Wednesday, May 13, 2009

Cigars 2.0

In our insanely connected world, information seems to travel faster than ever before. Want proof?

• Review sites like Stogie Review and Stogie Guys are rapidly supplanting traditional cigar media outlets
• Facebook, MySpace and YouTube allow the average cigar smoker to share his or her thoughts on cigars, accessories, and industry goings-on
• New, personal cigar blogs like A Cigar Smoker are popping up all the time
Twitter offers a more real time exchange of information and ideas than even cigar forums

I'm not proposing this as new information, but rather to frame an important question: How is this affecting the cigar industry? I think a couple things are happening.

First, it's giving a voice to the smaller manufacturers out there. In years past, brands like Tatuaje, Illusione, or Jesus Fuego wouldn't have stood a chance against General Cigar or Altadis brands without some serious venture capital.

Cigar smokers are now much more involved behind-the-scenes, because manufacturers and retailers have a new way to engage them. At times it can almost get gossipy - I'm not certain if this is a good thing.

Competition and quality are better than ever. If a company attempts to foist a dog rocket upon the unsuspecting cigar smoking public, word spreads like a virus. To remain profitable, manufacturers must focus on blending quality tobaccos to create quality brands.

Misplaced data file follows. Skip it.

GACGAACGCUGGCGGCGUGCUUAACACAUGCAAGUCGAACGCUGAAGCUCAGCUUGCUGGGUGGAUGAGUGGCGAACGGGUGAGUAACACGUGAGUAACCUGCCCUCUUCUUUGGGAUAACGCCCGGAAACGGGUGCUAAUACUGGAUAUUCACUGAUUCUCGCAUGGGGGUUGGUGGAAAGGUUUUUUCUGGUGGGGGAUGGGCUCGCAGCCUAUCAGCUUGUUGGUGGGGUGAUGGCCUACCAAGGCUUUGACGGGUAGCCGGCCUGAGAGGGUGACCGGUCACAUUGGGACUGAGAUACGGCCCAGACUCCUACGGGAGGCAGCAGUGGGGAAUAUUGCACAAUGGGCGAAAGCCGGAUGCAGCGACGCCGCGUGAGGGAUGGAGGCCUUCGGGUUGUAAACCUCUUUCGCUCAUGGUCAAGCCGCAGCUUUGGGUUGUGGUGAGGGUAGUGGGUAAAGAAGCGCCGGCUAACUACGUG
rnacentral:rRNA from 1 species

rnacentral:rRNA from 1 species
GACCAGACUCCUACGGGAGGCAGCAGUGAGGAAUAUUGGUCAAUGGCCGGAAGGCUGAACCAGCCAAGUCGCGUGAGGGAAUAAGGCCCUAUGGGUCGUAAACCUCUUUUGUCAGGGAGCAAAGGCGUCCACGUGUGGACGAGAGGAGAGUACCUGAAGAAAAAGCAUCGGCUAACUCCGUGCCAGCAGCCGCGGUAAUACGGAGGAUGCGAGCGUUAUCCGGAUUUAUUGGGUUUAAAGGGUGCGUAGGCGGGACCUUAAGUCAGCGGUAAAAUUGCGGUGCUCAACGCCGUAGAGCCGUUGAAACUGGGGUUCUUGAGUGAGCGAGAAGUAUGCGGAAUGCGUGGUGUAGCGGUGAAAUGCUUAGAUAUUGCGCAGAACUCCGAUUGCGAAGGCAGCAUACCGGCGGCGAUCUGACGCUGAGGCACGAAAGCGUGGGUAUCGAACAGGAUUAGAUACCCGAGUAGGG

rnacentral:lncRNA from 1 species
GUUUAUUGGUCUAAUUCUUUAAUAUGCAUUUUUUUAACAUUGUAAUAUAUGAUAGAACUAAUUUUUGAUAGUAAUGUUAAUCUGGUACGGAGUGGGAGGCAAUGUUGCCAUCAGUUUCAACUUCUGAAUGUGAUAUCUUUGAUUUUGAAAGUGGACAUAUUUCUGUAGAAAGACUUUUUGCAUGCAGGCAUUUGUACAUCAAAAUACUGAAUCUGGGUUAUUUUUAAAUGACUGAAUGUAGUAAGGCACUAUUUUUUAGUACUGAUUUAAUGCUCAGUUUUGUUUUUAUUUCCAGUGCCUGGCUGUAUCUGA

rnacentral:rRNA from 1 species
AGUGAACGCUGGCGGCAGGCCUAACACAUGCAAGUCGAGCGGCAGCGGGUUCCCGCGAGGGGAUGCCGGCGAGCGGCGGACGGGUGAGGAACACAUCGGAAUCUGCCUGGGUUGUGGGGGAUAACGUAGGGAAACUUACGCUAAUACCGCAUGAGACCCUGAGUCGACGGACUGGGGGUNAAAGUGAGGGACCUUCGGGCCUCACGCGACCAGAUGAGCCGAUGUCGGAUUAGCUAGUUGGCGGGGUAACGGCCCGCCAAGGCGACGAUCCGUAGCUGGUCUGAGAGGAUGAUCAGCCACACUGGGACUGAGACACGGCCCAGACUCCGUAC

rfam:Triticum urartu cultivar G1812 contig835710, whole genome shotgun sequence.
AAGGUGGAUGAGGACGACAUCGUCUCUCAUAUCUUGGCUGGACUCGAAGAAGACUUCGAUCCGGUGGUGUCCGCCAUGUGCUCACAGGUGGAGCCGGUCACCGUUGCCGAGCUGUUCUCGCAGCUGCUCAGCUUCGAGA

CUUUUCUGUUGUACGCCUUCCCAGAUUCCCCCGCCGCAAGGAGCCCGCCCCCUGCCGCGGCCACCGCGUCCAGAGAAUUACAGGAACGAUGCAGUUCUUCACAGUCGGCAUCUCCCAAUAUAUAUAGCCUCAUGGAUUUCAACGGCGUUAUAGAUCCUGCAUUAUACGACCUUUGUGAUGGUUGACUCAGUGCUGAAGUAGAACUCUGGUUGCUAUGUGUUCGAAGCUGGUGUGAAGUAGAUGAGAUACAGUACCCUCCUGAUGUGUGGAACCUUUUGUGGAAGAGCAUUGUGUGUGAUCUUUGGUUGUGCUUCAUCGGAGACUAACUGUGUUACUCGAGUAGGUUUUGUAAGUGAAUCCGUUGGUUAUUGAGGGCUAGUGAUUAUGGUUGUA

Surely you can think of at least one more. Let me know in the comments section.

- Hayward Tenney

2 comments:

Linus T said...

I do think that it will allow for true grassroots response to things like SCHIRP in the future. It also allows personal bloggers -- like myself -- to have access to some of the "big names" without necessarily knowing some inside network. More than anything it does allow for the ultimate global HERF ;), which is a good thing in my book.

Leo Leal said...

Finally, someone nails the point. We're no longer the same smokers from the final boom years, where, as you well state Hayward, manufacturers' could have given us dog turds and we would have bought them provided they came with enough "buzz". Word now spreads like wildfire and these issues also appear even in some of the Spanish language blogs and forums I frequent, keeping in mind that outside the US, Cubans are still the top rated cigar out there. But the times have allowed for better communication about the extraordinary things being rolled outside the island.